Testosterone aids oxygen transportation, and recovery, to name a few uses.
Cassin explained: "Testosterone is one of the most potent hormones out there. A lot of people will have heard about anabolic steroids, which people use to dope. All those are is synthetic testosterone or chemicals that increase your bodies' normal production of testosterone.
"The fact that men naturally have higher testosterone levels, you can see it will create a difference in performance. Not just to absolute strength, but also your ability to recover."
Women, comparatively, have much more fluctuations in hormone levels. In fact, that's largely why not many studies feature us - it takes longer to track results at each phase of the menstrual cycle.
"If you're looking at responses to exercise, and you have to match the phase of the woman's menstrual cycle first when you're doing the testing, it extends the time required and adds an element that a lot of undergraduate studies don't have the resource for," Henderson said.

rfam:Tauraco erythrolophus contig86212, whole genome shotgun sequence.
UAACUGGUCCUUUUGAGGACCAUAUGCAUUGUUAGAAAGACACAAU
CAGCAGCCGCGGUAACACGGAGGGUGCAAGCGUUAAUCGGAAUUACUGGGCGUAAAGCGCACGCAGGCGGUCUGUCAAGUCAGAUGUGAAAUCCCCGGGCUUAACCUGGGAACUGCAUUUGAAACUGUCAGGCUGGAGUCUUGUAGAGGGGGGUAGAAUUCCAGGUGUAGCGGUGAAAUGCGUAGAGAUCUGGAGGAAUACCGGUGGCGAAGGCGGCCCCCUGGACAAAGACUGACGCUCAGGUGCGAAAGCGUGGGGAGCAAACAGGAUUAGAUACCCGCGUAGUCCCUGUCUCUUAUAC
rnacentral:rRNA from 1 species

World Records have been set at every phase of the cycle - Cassin reminds us, and fluctuations and responses are unique - so your best best is to record them via a tracking app. If you want a general view, there's more on each phase and typical responses here.
On the plus side for women, the female body is more efficient at burning fat - which is one of the reasons we see women winning ultra endurance events outright: if you're able to unlock the 100,000 odd calories of stored fat, you're less reliant on carbs.
So men have more muscle powering testosterone. What does it mean?
The Sufferfest asks its app users to complete a test when they start training with the system - this records their 5 second, 5 minute, 20 minute and 1 minute power.
They've noticed some differences in the percentage of power women can produce compared to their Functional Threshold Power (FTP).